The Times, Thursday, Mar 29, 1866; pg. 8; Issue 25458; col B

                         THE LOSS OF THE LONDON.

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                        TO THE EDITOR OF THE TIMES.

Sir, - I hope you will find me space in your valuable columns for a few words on this sad calamity, which has caused the desolation of so many homes and has wrung the heart of the nation. At length it appears to me that the dawn is breaking on the true proximate cause of the foundering of this noble ship. At the closing of the annual Session of the Institute of Naval Architects, on Saturday last, Sir John PAKINGTON, in speaking on this distressing subject, quoted from the letter of a captain of a ship like the London, stating that he once loaded his ship with iron, closely stacked, and the consequence was that she laboured so much that he believes that if he had met with any very rough weather she would have been jeopardized. In corroboration of this opinion, I beg to state that in the month of February, 1826, I saled as third officer of the Hon. Company’s ship Dunina, bound for Bengal and China; we had on board a heavy quantity of iron, in the shape of bars, and military stores, such as shot and shell, &c., and in consequence of their being stowed too low in the hold, and too compactly, we found the ship as stiff as a poker under canvas, and very laboursome in a sea-way. Now, the old Company’s ships were as near as possible all built on the same model, and were, perhaps, the finest sea boats that ever crossed the ocean. Notwithstanding this, when we got into a gale on the skirts of the Bay of Biscay we rolled our main and mizen masts over the side, leaving nothing standing but the foremast, foreyard, and bowsprit. After the loss of our masts the ship rolled deeper and heavier, shipping large quantities of water; and why? Because the reduction of weight aloft made her still more stiff. It was the general opinion that the old ship must founder before morning. Under God’s good providence we weathered the gale, and, with the aid of jury-masts, we waddled into Cork harbour, where we refitted the ship and re-stowed the cargo, by raising the dead weight. On proceeding to sea again with the same cargo, but more judiciously stowed, we found the ship as lively and comfortable as possible, and we had a pleasant voyage to Calcutta, though we met with several heavy gales.

Your correspondent, Mr. H. Gilbert HIGHTON, has with praiseworthy efforts collected and made public a considerable amount of evidence, - some good, some bad, and some contradictory. In his letter of the 24th he very properly explains the nautical word “crank,” a disposition to upset. I think it right, also, to remind unprofessionals that “stiff” means the converse. Mr. HIGHTON dwells strongly on the dangers of “crankness;” he is in error upon that point. Every competent seaman knows that the crank ship is the easy ship in a gale, the stiff ship the laboursome one. I contend, on the evidence of the stevedore, given on the inquiry before Mr. TRAILL, that the London was too stiff. It is stated that she had 200 tons of kentledge on board, which I apprehend was stowed flat on her inner skin, or lining; then comes the weight of her engines, &c.; then comes 300 tons of iron, which the stevedore states he raised nine or ten inches. In my humble opinion it ought to have been raised from three to four feet, and even then the iron should have been laid very open on grating, &c. Everybody agrees upon one point, and that is, the poor London made very bad weather of it; and why? Not, in my opinion, from being too deeply laden, but from being too stiff, which was the cause of her rolling so deeply, and having, as Mr. HIGHTON’s informant describes it, “scooped up the water” in her rolls. Had she been crank, she would have lain as long as the strength of the wind lasted steadily on her side. I do not attribute the loss of the London to her deep lading. Look at the West Indian sugar-laden ships, their decks within a few feet of the water’s edge; they are usually crank, and waddle home across the stormiest sea in the world, and seldom come to grief. Then, again, the old Company’s tea-laden ships from China. They were always very crank ships. Now, it is an historical fact that the Hon. Company did not lose, out of their large annual fleets, from 1806 to 1834 (when their charter expired), a single tea-laden ship.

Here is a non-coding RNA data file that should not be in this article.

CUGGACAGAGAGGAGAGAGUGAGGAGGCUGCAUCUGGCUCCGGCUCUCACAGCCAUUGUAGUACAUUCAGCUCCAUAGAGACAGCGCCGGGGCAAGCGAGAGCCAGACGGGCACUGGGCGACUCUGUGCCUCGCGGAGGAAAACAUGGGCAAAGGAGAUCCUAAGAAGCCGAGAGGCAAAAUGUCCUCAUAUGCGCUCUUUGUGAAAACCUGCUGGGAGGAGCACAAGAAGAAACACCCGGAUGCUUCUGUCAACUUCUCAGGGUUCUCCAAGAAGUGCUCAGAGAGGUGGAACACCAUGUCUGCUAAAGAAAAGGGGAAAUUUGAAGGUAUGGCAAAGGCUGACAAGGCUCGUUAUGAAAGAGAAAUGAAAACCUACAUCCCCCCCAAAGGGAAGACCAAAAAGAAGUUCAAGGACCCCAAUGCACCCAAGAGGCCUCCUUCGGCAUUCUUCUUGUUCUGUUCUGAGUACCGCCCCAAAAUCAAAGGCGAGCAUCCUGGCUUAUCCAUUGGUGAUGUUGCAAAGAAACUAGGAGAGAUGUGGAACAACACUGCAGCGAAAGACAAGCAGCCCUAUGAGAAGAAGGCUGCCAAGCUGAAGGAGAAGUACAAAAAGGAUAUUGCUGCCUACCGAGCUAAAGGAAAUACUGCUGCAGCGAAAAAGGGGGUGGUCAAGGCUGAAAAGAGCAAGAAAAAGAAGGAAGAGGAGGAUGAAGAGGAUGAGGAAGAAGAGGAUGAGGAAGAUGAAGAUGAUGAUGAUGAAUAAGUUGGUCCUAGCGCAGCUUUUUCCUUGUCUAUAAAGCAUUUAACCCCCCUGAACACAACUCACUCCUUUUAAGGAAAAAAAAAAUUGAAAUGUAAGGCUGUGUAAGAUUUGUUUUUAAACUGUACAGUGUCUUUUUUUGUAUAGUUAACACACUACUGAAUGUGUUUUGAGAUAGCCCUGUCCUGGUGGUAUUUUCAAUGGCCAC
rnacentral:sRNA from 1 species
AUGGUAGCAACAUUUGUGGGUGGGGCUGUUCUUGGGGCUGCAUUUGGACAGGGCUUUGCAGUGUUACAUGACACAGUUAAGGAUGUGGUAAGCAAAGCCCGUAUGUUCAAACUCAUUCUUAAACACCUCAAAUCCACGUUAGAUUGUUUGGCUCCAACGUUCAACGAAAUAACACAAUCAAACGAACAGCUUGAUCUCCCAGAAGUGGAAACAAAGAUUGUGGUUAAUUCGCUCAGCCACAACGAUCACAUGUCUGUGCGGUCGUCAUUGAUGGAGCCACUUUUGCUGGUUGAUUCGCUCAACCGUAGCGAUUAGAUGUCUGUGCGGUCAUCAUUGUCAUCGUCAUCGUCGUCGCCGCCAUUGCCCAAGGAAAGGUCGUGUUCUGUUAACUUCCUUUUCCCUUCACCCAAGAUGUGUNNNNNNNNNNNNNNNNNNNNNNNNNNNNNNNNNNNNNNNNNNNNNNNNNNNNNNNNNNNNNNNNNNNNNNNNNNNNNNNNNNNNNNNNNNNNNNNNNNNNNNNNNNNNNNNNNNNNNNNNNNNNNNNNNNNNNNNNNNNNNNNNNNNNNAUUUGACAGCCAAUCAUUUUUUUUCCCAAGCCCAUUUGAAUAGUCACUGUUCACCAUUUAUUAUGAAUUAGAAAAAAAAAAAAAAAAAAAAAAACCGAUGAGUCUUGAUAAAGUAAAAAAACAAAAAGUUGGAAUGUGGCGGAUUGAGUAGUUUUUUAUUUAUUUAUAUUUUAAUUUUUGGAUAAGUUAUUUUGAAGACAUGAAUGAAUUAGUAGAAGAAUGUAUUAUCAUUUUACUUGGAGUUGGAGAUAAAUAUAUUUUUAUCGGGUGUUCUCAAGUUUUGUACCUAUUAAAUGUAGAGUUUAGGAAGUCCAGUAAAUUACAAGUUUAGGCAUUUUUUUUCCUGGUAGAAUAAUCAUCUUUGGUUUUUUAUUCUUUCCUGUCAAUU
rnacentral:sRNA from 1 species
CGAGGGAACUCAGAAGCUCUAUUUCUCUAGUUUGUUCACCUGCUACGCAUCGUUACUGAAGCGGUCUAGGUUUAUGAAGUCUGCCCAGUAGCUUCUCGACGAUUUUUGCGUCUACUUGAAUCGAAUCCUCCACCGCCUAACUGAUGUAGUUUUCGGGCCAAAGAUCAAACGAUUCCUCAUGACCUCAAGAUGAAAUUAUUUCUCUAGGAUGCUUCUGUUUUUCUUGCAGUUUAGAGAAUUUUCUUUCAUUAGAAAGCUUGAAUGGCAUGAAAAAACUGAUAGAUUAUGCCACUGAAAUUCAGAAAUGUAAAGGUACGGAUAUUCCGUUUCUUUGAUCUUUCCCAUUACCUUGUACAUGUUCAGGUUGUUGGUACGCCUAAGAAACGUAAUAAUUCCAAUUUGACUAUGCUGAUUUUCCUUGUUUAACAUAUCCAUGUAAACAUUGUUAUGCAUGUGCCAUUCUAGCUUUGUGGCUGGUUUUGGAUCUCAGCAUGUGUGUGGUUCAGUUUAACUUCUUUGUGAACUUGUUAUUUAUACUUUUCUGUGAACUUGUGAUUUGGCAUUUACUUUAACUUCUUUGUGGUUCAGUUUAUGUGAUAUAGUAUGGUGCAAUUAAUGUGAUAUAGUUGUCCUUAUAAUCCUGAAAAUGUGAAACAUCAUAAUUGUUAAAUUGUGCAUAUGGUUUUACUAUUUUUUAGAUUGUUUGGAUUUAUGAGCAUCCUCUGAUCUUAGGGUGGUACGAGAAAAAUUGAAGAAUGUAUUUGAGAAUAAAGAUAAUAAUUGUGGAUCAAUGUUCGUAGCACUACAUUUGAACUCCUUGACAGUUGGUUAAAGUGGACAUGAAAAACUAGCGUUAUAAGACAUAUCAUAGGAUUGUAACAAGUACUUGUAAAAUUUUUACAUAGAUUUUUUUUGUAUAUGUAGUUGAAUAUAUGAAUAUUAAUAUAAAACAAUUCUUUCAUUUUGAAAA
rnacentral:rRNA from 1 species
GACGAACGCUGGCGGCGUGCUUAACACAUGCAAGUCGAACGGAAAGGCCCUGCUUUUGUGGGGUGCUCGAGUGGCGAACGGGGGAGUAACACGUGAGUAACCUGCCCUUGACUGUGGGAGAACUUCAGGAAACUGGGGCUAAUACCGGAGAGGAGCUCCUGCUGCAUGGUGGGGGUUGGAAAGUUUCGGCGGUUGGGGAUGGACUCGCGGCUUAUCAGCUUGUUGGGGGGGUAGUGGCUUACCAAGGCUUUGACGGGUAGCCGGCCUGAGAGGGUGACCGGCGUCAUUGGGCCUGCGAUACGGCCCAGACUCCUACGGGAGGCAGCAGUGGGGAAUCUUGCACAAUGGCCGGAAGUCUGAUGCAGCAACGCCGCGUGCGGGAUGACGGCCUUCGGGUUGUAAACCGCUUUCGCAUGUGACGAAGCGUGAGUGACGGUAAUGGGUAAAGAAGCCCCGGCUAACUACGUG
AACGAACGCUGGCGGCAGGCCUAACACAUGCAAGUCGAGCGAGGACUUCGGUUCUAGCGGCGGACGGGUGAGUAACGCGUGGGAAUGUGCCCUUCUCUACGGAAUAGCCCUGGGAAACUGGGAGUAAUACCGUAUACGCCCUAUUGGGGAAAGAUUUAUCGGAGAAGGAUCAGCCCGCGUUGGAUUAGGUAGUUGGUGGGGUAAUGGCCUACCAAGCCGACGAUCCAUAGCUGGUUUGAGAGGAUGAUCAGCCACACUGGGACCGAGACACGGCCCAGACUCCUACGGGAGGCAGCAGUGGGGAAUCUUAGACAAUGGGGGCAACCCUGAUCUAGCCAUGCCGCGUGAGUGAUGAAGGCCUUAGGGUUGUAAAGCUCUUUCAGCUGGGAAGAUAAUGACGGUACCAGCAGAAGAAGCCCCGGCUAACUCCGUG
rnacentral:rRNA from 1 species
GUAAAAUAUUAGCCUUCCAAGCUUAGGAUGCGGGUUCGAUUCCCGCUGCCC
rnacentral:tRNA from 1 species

The London was a very long ship, and would without her steam power lay-to badly in a gale of wind. When she fell off in the trough of the sea she would, from the placement of the dead weight in her bottom, roll deeply, and when lurching to windward present her deck to the sea and ship large bodies of water.

I will not go into the subject of royal masts on end in the winter season; doubtless, they were the cause of the loss of the jibboom.

I beg to apologize for the length of this letter. I am, however, encouraged by the knowledge that your columns are always open to any suggestion which may prove for the benefit or safety of the community.

          I have the honour to be, Sir, your obedient servant,

                                                     JAMES RICKETT.

Cotterstock, Oundle, March 27.